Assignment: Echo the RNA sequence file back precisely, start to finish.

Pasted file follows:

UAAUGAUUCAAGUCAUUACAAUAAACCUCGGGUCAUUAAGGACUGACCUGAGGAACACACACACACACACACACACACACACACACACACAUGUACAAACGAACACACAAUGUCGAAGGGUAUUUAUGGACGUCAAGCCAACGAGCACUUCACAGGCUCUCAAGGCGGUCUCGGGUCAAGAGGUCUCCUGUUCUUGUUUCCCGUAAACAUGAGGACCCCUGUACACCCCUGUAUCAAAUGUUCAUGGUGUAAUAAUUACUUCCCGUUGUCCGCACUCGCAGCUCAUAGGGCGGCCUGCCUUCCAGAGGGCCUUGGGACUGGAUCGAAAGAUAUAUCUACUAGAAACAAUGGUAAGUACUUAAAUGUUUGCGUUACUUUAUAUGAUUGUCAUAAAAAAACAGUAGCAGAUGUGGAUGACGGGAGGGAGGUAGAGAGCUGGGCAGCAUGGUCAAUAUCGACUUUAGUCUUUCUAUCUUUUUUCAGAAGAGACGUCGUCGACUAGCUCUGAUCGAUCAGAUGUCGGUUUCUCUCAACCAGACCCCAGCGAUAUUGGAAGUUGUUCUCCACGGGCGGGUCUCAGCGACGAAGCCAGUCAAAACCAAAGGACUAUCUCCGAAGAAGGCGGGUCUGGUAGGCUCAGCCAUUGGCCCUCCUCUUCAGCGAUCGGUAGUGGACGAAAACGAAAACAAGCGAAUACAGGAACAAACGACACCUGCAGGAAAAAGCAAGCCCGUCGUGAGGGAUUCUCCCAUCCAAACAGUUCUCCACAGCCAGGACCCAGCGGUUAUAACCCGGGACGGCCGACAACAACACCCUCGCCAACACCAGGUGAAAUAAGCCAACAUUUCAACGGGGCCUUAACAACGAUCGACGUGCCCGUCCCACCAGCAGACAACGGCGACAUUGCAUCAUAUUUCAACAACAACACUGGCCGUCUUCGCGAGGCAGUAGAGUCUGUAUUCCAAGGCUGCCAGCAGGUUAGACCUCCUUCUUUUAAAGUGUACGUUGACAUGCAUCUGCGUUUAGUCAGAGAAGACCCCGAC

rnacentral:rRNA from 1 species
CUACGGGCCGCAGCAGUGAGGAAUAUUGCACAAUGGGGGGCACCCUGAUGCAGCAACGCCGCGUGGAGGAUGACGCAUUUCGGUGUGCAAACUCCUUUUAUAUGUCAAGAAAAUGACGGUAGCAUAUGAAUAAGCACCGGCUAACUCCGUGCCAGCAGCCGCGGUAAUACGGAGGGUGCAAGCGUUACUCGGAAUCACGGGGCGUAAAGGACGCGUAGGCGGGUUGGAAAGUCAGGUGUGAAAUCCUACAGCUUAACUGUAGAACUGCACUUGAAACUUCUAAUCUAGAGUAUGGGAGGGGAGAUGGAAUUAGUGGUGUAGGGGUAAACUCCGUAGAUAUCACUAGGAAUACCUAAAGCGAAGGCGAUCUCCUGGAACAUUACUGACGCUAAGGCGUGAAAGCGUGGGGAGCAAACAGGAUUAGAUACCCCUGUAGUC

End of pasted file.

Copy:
UAAUGAUUCAAGUCAUUACAAUAAACCUCGGGUCAUUAAGGACUGACCUGAGGAACACACACACACACACACACACACACACACACACACAUGUACAAACGAACACACAAUGUCGAAGGGUAUUUAUGGACGUCAAGCCAACGAGCACUUCACAGGCUCUCAAGGCGGUCUCGGGUCAAGAGGUCUCCUGUUCUUGUUUCCCGUAAACAUGAGGACCCCUGUACACCCCUGUAUCAAAUGUUCAUGGUGUAAUAAUUACUUCCCGUUGUCCGCACUCGCAGCUCAUAGGGCGGCCUGCCUUCCAGAGGGCCUUGGGACUGGAUCGAAAGAUAUAUCUACUAGAAACAAUGGUAAGUACUUAAAUGUUUGCGUUACUUUAUAUGAUUGUCAUAAAAAAACAGUAGCAGAUGUGGAUGACGGGAGGGAGGUAGAGAGCUGGGCAGCAUGGUCAAUAUCGACUUUAGUCUUUCUAUCUUUUUUCAGAAGAGACGUCGUCGACUAGCUCUGAUCGAUCAGAUGUCGGUUUCUCUCAACCAGACCCCAGCGAUAUUGGAAGUUGUUCUCCACGGGCGGGUCUCAGCGACGAAGCCAGUCAAAACCAAAGGACUAUCUCCGAAGAAGGCGGGUCUGGUAGGCUCAGCCAUUGGCCCUCCUCUUCAGCGAUCGGUAGUGGACGAAAACGAAAACAAGCGAAUACAGGAACAAACGACACCUGCAGGAAAAAGCAAGCCCGUCGUGAGGGAUUCUCCCAUCCAAACAGUUCUCCACAGCCAGGACCCAGCGGUUAUAACCCGGGACGGCCGACAACAACACCCUCGCCAACACCAGGUGAAAUAAGCCAACAUUUCAACGGGGCCUUAACAACGAUCGACGUGCCCGUCCCACCAGCAGACAACGGCGACAUUGCAUCAUAUUUCAACAACAACACUGGCCGUCUUCGCGAGGCAGUAGAGUCUGUAUUCCAAGGCUGCCAGCAGGUUAGACCUCCUUCUUUUAAAGUGUACGUUGACAUGCAUCUGCGUUUAGUCAGAGAAGACCCCGAC

rnacentral:rRNA from 1 species
CUACGGGCCGCAGCAGUGAGGAAUAUUGCACAAUGGGGGGCACCCUGAUGCAGCAACGCCGCGUGGAGGAUGACGCAUUUCGGUGUGCAAACUCCUUUUAUAUGUCAAGAAAAUGACGGUAGCAUAUGAAUAAGCACCGGCUAACUCCGUGCCAGCAGCCGCGGUAAUACGGAGGGUGCAAGCGUUACUCGGAAUCACGGGGCGUAAAGGACGCGUAGGCGGGUUGGAAAGUCAGGUGUGAAAUCCUACAGCUUAACUGUAGAACUGCACUUGAAACUUCUAAUCUAGAGUAUGGGAGGGGAGAUGGAAUUAGUGGUGUAGGGGUAAACUCCGUAGAUAUCACUAGGAAUACCUAAAGCGAAGGCGAUCUCCUGGAACAUUACUGACGCUAAGGCGUGAAAGCGUGGGGAGCAAACAGGAUUAGAUACCCCUGUAGUC